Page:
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NFC East: Jackson’s Presence Makes PHI-WAS Must See TV

Posted Sep 18, 2014


It would have been really boring if DeSean Jackson was watching from the sideline the first time his new team faced off against the Philadelphia Eagles.

It’s been roughly five months since the Eagles unceremoniously dumped Jackson following the best season of his career, and it’s been about four days since Jackson sprained his shoulder during Washington’s Week 2 win against Jacksonville. The former probably has a lot to do with why the latter won’t keep him off the field against Philadelphia.

"If it's all on me, I'm playing. I don't plan on missing this game," Jackson told reporters Wednesday afternoon.

Who knows how effective Jackson can be one week after a shoulder sprain – the same injury effectively ended Morris Claiborne’s preseason this year. But having Philadelphia’s best player of the past five years on the field for Washington undoubtedly makes the game more interesting.

The injury has helped hamper Jackson’s new start with Washington. Through two games, he has 81 yards on nine catches – most of which came in the season-opening loss to Houston. He’ll need to bounce back from the setback quickly if he’s going to match his 1,332-yard campaign last year for the Eagles.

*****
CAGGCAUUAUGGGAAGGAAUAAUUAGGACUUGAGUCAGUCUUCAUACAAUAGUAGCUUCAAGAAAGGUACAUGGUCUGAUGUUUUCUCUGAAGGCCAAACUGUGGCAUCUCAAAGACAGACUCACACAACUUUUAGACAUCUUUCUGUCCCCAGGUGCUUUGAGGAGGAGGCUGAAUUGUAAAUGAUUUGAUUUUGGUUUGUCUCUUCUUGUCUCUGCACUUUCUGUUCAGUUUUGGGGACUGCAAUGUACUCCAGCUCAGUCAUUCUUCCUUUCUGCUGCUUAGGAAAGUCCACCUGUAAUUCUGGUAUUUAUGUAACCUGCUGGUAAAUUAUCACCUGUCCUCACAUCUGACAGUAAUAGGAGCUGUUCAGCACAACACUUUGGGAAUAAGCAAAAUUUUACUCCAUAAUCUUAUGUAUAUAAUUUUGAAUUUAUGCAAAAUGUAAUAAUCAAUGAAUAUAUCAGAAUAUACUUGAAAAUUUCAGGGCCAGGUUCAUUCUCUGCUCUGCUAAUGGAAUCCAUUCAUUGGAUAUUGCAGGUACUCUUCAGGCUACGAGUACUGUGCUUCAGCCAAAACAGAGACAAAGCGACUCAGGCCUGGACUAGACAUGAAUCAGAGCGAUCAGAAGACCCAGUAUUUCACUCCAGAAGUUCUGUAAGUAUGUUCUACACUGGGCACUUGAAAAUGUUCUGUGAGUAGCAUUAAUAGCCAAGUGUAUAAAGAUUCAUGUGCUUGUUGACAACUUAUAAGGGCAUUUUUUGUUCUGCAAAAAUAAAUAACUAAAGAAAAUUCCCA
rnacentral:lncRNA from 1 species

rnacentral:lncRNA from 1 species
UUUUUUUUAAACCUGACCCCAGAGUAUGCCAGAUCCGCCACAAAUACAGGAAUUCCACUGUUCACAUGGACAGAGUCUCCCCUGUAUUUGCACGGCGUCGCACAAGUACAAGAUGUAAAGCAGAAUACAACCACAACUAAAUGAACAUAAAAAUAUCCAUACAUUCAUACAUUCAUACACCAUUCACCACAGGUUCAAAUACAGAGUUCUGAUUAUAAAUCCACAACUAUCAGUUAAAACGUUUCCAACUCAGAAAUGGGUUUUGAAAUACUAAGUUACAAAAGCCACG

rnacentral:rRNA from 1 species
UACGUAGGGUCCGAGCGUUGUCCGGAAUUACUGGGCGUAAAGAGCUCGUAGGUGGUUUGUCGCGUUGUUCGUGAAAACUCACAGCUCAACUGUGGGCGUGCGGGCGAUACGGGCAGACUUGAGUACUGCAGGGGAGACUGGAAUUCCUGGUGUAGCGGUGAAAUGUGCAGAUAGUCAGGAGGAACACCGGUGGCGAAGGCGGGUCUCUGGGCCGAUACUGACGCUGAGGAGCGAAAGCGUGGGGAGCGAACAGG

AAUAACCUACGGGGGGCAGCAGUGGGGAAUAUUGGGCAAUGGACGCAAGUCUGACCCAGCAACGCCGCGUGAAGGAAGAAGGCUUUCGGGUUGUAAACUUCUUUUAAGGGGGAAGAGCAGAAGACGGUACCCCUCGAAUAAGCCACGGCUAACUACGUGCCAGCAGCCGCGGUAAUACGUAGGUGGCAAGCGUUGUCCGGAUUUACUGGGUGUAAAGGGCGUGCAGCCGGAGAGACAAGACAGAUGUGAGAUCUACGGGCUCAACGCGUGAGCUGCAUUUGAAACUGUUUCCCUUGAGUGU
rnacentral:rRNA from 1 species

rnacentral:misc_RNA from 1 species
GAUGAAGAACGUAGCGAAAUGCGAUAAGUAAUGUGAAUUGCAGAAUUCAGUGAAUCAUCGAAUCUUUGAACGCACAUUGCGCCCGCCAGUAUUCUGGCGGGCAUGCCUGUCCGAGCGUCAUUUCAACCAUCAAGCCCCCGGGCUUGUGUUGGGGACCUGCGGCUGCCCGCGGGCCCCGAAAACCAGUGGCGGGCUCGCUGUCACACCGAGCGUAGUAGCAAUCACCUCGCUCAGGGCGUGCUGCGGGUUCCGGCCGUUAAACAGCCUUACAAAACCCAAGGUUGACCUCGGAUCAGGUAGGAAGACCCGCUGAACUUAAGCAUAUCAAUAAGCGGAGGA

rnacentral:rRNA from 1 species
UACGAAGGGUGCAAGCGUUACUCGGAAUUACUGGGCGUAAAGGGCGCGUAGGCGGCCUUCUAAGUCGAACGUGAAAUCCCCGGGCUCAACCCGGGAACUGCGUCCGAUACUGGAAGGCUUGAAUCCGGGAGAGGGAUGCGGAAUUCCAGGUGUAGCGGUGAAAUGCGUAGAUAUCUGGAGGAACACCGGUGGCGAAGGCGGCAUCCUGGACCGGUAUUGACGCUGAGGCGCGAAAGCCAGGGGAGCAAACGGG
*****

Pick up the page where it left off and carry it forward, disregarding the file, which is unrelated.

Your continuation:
Best of all is that this first meeting between the division rivals is happening at Lincoln Financial Field, where Eagles fans will have an opportunity to greet Jackson. It’s a bit of an odd circumstance, because usually when a star player changes teams, it was his decision.

For instance, Cowboys fans are bound to have some words for Jason Hatcher when the 2013 Pro Bowlers returns to AT&T Stadium in October. He signed with

Washington after the Cowboys opted not to offer him a new deal.

Jackson, on the other hand, was released by the Eagles in the prime of an All-Pro career. I suppose you can blame him for signing with a division rival – and he probably did that on purpose – but that fault lies much more immediately with the Eagles than Jackson.

I highly doubt any of this will stop Jackson from receiving a loud chorus of boos when he takes the field Sunday, and that’s why it’ll be so much fun.

The Eagles are currently 11th in the league in pass defense, allowing an average of just 207 yards per game – though they did allow a 110-yard, two-touchdown day from undrafted rookie Allen Hurns. The combo of Jackson and Pierre Garcon will be far and away their toughest challenge so far, assuming the speedster is effective.

For entertainment’s sake, I hope he is. It would be a lot of fun to see the Eagles cope with one of those all-too-familiar game breaking plays from Jackson.

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